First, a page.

Computed tomography-based fat and muscle characteristics are associated with mortality after transcatheter aortic valve replacement.
J Cardiovasc Comput Tomogr. 2018 May - Jun;12(3):223-228. doi: 10.1016/j.jcct.2018.03.007. Epub 2018 Mar 22. Foldyna B1, Troschel FM2, Addison D3, Fintelmann FJ2, Elmariah S4, Furman D4, Eslami P3, Ghoshhajra B3, Lu MT3, Murthy VL5, Hoffmann U3, Shah R3.
BACKGROUND: Computed tomography (CT)-based fat and muscle measures are associated with outcome in large populations. We tested if muscle and fat characteristics are associated with long-term outcomes after TAVR.
METHODS: We included 403 clinical CTs performed prior to TAVR at our center between 2008 and 2016, measuring area (cm2) and density (Hounsfield units, HU) of both psoas muscles (PM), subcutaneous adipose (SAT), and visceral adipose tissue (VAT). Area measures were indexed to height, log-transformed and both area and density were standardized for analysis. We assessed the association of each measure with all-cause mortality (adjusted for age, sex, body mass index (BMI), and the Society of Thoracic Surgeons (STS) risk score.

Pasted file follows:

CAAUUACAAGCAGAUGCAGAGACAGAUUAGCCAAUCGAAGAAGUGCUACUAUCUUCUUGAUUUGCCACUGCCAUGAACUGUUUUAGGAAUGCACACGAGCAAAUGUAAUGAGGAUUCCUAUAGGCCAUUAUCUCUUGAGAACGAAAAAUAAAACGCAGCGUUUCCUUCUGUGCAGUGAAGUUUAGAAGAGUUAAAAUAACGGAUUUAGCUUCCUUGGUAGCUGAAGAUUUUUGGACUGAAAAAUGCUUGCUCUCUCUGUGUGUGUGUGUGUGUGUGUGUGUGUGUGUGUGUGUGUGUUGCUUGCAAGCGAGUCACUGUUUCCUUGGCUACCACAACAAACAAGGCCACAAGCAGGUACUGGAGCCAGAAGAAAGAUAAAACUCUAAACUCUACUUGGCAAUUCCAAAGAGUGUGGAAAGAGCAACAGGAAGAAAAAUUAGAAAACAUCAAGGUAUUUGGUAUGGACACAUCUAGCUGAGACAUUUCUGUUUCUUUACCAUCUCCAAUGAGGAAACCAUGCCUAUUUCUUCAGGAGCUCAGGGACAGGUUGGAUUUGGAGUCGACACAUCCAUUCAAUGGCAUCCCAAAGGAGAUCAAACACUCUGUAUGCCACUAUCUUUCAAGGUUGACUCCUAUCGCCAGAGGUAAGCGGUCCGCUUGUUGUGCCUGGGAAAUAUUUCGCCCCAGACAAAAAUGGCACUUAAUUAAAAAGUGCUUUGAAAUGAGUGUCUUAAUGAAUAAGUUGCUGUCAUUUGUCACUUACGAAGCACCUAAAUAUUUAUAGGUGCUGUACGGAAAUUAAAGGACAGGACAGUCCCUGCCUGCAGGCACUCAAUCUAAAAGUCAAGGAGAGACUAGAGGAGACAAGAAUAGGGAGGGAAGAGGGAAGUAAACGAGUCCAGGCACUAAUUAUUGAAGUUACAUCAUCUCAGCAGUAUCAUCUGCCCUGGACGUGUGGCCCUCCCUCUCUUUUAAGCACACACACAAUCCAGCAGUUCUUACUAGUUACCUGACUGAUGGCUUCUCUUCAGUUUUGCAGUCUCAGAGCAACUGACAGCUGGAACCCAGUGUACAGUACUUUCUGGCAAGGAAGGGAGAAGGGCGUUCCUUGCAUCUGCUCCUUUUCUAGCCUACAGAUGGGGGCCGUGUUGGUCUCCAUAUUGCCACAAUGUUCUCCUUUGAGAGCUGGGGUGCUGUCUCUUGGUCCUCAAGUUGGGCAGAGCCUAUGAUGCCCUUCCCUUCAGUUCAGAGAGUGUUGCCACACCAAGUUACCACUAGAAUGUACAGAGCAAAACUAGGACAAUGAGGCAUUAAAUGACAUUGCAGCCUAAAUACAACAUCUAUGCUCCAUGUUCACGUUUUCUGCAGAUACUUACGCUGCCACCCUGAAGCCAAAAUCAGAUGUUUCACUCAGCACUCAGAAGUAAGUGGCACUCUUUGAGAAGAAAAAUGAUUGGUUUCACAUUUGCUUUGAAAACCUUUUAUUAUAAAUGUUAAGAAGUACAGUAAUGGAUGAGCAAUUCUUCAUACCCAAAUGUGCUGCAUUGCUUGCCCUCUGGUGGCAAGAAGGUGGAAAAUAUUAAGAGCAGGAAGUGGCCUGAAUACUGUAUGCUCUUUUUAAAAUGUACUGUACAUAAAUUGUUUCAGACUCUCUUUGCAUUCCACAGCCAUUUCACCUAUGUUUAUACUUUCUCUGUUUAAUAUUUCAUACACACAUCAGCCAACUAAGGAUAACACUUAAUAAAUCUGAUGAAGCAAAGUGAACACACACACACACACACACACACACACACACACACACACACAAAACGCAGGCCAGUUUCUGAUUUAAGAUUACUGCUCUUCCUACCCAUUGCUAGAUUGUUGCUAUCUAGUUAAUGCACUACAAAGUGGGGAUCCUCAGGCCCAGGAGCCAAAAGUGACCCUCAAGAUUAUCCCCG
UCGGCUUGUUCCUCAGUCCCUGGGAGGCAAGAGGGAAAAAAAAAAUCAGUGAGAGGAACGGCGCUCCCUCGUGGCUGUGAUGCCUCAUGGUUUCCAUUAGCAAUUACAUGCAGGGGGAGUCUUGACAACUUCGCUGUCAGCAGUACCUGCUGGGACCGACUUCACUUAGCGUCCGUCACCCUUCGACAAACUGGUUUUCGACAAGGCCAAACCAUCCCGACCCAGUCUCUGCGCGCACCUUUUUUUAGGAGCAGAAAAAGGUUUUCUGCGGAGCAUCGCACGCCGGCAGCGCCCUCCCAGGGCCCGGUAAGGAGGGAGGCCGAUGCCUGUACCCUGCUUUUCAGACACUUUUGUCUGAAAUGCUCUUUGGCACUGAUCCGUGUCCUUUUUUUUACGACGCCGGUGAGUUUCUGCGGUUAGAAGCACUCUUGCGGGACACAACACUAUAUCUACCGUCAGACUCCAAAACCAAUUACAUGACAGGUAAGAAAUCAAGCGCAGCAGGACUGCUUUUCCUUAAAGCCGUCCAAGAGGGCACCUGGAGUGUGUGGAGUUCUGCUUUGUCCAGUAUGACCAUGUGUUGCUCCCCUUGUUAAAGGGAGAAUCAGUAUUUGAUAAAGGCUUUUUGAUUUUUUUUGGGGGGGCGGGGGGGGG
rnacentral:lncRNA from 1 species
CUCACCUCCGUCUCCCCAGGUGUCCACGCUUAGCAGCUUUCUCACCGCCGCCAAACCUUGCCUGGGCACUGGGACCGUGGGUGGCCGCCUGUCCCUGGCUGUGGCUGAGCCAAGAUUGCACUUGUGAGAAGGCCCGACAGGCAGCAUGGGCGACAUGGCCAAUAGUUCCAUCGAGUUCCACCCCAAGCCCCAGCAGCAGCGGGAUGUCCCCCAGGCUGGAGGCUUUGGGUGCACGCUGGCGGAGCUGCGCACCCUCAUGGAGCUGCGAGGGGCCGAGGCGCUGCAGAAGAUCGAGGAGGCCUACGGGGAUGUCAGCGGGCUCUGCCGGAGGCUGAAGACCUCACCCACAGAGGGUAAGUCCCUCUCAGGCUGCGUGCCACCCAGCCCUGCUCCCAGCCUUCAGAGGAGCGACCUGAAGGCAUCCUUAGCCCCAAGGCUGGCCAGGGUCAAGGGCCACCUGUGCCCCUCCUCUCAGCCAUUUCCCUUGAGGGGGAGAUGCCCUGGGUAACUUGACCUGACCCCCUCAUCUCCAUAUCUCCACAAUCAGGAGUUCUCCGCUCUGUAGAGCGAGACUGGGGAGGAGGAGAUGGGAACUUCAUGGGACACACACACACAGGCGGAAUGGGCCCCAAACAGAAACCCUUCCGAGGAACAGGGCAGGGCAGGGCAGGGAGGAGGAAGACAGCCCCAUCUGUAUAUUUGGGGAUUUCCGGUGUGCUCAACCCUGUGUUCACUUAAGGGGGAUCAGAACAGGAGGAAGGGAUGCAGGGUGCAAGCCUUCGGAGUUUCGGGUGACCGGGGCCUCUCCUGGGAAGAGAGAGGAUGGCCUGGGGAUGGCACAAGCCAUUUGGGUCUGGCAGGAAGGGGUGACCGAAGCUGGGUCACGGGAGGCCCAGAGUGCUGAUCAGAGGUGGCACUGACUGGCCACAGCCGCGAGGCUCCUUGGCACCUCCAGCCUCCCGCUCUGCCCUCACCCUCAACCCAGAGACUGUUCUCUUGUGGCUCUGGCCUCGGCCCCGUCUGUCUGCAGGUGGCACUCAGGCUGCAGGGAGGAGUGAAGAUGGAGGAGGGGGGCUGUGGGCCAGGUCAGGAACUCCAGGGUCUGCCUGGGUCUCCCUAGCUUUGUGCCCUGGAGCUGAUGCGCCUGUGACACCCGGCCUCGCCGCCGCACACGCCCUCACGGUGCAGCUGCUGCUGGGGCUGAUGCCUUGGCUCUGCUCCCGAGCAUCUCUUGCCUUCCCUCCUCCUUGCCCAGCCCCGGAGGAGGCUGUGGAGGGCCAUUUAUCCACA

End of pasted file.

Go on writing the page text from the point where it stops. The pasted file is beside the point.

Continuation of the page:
RESULTS: Of the 403 individuals (83 ± 8 years; 52% female), 167 (41.4%) died during a median follow-up of 458 days (interquartile range IQR 297-840). Fat measures were feasible and rapid. Fat area was available in 242 (60%) patients with an adequate field of view. Individuals with the lowest PM area, SAT area or VAT area exhibited the highest hazard of mortality. In addition, greater SAT density was associated with a higher mortality hazard (adjusted HR per standard deviation increase in density = 1.35, 95%CI 1.10-1.67, P = 0.005).
CONCLUSION: Rapid CT-based tissue characterization is feasible in patients referred for TAVR. Decreased PM area and increased SAT density are associated with long-term mortality after TAVR, even after accounting for age, sex, BMI, and STS score. Further studies are necessary to interrogate sex-specific relationships between CT tissue metrics and mortality and whether CT measures are incremental to well-established frailty metrics.